Editor’s Note: This blog is one of a series on early childhood development, featuring experts from Brookings and elsewhere that have been discussing the topic as part of work being conducted by the Center for Universal Education.
There is a paucity of information available on costs of early childhood development (ECD) programs, as noted in earlier blogs in this series. Recent efforts to estimate costs of ECD programs in the context of impact evaluations are encouraging, but is there something to learn from related fields where costing has been undertaken more systematically, as in health? Here are four lessons learned from health that will be relevant for ECD program costing:
- Costing serves multiple purposes, leading to great diversity in methods and approaches used. In health, costing studies have served as input into advocacy for global investment in specific disease areas; budgeting and planning; modeling impact and financial scenarios; conducting economic evaluation; assessing efficiency of providers and facilities; and designing payment mechanisms. Each purpose has its own requirements for documentation, completeness and accuracy over time. For example, a global call for greater investment in “intervention X” at one point in time requires only rough estimates of average costs. However, greater accuracy and completeness would be necessary for a government to assure that payments to public providers cover their costs for a given set of services over a fiscal year. Costing methods must fit their purpose, and will therefore be different in terms of methods and approaches used.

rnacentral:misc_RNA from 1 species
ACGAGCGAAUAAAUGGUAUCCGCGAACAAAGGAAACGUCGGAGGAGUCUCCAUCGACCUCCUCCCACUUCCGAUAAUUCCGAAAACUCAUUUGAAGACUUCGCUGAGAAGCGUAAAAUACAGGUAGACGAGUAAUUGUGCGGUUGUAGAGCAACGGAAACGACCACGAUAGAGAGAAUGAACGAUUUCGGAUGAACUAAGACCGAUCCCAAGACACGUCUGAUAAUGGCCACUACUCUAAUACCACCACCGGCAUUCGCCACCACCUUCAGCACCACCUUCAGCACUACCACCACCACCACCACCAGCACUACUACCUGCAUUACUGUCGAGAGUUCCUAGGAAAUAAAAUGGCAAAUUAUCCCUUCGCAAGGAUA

- Costing tools are useful to set standards, but principles may be more practical. Many costing “tools” and efforts to standardize costing methods have been developed in health: OneHealth, Community Health Services Costing Tool, ABCE, to name a few. Further, there are multiple costing tools available on specific disease interventions or technologies, for a bottom-up or top-down perspective, based on normative standards for provision or based on actually observed costs. And in spite of these efforts, a recent systematic review found that “existing tools and studies don’t provide sufficient detail on methods and techniques [used when] conducting micro-costing analyses.” Even simple but important data descriptors, such as currency conversions used, are sometimes omitted in published studies. As a practical alternative, reference cases that establish principles for the planning, conduct and reporting of costing data and related economic evaluation may be a better way forward, in lieu of standardizing spreadsheets through tools.
- Focus on cost functions, not average unit costs. Most people acknowledge that the marginal costs of providing a given health service are usually less than average costs. Yet existing spending and services are often ignored and average costs are taken and simply summed up to determine program costs. This is not the way to go; the size of facilities, service delivery modalities, volumes, prices and quality all matter for average costs and matter along the cost function, and summing up average costs will likely lead to substantial over-budgeting. Further, we have to think of the future; for example, how will volumes and prices change with new technologies?
- Analyze and interpret cost data with care. Most empirical costing studies find enormous heterogeneity in costs across geographic areas and types of providers, which makes sense given that input costs and reference populations vary tremendously. Analysis needs to control for these variations if they are to make comparisons between providers on efficiency and effectiveness. High cost providers—outliers—may or may not be inefficient, for example, depending on the quality of care provided or other factors.
Costing is a complex but necessary undertaking in any field in order to make a convincing investment case; taking on lessons learned from efforts in the health sector may save time and aggravation for ECD.